Happy Birthday to Me

I learned the fun way on my birthday last month that having a blog is almost like having a gift registry – it makes it pretty easy for people to know what you like!

Remember these?

photo-2 (5)

I’m now the proud owner of four place settings! Perfect for our family of four, and will also look great alternated with our stainless flatware for larger gatherings.

photo-1 (20)

I also got this fun poster – or as I like to call it, A Checklist of Things That I Need.

 

 

How To Get Invited Back

This is my favorite little trick to make a hostess gift look great. Instead of bringing a plain bottle of wine to dinner, wrap it in a pretty tea towel. A tea towel makes a great gift – everyone uses them, no? They have many uses besides drying dishes. Drying hands! Wiping counters! Hanging prettily from the stove handle! My Partner In Finds even upholstered the seat of a chair with a particularly beautiful one. If your recipient is not a wine drinker, this trick works equally well with a nice bottle of olive oil or maple syrup, and is a great housewarming gift idea also.

image

Towels with an all-over pattern tend to look best – as opposed to one with a design only in the middle.

image

Remove the price tags and lay the towel face side down. Place the bottle in this position.

image

Fold the bottom of the towel up to cover the bottle of the body but not the neck.

image

Roll it up!

image

Tie a bow tightly around the neck of the bottle to secure. Here I used twine for a rustic look.

image

Ta da! A gift any host or hostess would be happy to receive. For a more festive look, this bold striped towel and purple raffia do the trick.

Tea towels are usually not too expensive and easy to store in order to have on hand for last minute dinner party invitations. Pick them up when you see them and you’ll be prepared to be the best guest ever.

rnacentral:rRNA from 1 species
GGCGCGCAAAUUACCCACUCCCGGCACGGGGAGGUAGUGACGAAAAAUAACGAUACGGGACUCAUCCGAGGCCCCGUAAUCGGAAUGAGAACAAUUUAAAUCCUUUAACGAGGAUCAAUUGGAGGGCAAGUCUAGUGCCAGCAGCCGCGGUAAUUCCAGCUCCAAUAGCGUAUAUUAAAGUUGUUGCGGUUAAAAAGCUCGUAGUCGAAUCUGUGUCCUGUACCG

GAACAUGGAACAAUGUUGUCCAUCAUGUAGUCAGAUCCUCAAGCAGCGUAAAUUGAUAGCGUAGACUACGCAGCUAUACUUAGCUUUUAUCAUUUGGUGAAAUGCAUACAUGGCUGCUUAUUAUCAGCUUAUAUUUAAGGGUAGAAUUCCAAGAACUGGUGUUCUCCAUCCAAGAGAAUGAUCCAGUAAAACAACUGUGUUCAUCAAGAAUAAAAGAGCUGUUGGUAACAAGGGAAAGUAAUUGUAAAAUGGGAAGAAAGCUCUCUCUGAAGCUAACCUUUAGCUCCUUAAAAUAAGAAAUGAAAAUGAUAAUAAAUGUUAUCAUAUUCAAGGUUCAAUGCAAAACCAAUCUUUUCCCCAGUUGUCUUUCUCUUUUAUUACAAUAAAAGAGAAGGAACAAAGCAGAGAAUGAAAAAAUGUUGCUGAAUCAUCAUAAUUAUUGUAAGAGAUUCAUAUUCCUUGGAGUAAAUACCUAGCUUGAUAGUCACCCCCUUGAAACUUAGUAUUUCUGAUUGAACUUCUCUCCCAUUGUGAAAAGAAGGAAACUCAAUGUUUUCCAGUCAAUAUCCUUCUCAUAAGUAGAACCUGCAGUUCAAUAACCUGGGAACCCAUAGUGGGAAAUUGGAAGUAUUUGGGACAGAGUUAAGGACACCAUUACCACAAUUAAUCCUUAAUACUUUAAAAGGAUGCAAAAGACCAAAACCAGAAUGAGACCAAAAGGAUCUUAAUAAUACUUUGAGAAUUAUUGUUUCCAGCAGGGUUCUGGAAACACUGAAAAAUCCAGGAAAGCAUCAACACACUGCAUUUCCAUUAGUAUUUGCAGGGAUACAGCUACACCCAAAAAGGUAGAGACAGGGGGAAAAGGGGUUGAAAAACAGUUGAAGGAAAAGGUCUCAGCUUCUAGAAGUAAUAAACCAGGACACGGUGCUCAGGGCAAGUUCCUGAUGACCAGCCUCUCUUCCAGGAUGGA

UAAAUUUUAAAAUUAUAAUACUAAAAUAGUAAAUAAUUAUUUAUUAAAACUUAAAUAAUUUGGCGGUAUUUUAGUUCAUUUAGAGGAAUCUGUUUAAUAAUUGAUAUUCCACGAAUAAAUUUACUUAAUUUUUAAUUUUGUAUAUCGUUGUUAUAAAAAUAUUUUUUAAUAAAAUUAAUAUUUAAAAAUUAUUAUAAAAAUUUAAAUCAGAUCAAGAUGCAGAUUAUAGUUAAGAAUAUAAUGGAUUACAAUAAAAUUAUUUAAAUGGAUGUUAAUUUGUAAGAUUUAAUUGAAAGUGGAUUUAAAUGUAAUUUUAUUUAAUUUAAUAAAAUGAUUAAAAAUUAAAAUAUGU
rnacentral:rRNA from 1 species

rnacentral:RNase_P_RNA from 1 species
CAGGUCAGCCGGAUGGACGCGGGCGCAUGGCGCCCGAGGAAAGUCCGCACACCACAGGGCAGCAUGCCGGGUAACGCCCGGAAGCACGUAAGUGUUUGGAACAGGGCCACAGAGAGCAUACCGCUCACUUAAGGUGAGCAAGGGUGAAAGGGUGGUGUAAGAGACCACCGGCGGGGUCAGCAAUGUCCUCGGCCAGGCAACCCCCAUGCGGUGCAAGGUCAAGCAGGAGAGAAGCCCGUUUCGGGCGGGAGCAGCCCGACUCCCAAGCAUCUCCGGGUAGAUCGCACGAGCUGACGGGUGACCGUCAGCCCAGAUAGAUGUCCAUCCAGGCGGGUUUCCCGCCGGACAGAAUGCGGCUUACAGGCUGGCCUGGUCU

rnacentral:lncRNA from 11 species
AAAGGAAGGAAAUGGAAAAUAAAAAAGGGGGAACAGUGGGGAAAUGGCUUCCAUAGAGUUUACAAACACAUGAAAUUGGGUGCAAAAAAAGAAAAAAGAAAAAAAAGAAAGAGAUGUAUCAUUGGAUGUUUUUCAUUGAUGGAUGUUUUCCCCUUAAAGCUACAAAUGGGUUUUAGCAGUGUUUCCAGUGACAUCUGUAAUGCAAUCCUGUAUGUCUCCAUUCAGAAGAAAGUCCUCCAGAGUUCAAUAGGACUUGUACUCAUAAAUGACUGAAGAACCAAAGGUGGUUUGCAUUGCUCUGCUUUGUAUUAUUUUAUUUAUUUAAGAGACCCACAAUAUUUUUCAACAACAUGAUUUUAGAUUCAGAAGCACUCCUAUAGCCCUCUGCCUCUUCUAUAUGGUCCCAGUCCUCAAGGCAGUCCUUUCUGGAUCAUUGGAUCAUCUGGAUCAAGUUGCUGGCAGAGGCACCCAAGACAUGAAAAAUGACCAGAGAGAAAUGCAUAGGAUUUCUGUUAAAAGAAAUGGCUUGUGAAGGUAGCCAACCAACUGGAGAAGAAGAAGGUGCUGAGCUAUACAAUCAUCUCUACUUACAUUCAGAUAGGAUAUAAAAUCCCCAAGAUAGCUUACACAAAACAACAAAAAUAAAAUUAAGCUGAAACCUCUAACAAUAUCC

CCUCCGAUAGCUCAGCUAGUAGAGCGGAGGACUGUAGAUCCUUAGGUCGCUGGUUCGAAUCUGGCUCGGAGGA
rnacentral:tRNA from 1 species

Here are a few I spied recently:

image

Top photo: Crate and Barrel, Bottom left: World Market, Bottom right: Anthropologie.

Towels used in tutorial above were purchased from World Market.

 

Instagram Anyone?

I’m sort of addicted to Instagram. I’ve never totally understood Twitter*, but I definitely get the “a picture is worth 1000 words” value of Instagram. I use it almost exclusively as a source for design inspiration. I won’t follow anyone who posts too many pictures of their cat (except you, cousin Emma)! I often share random photos I’ve taken of Design Finds there, thinking they’re pictures I probably won’t use on the blog. But it occurred to me as I looked over my Instagram pictures yesterday, even though I might not have enough to say about individual photos to justify a blog post, as a collection they are fun and inspiring. So here they are (some of them, anyway)! Sources, if I have them, are listed. If you like what you see, follow me @alexandradesignfinds.

My Inspirations:

image

If I could own a piece by any artist alive today, hands down it would be Dale Chihuly. My house isn’t quite big enough for this, but I would be willing to make do with something smaller. His work takes my breath away. Every time.

Victoria and Albert Museum, London.

image

The hardest thing about vintage is knowing you’ll never know the story behind the beautiful patina of age.

Trunk above and storage boxes below, Ekster Antiques.

image

image

Vintage Sideboard in a field. It could not possibly look as beautiful indoors as it does here. Could it?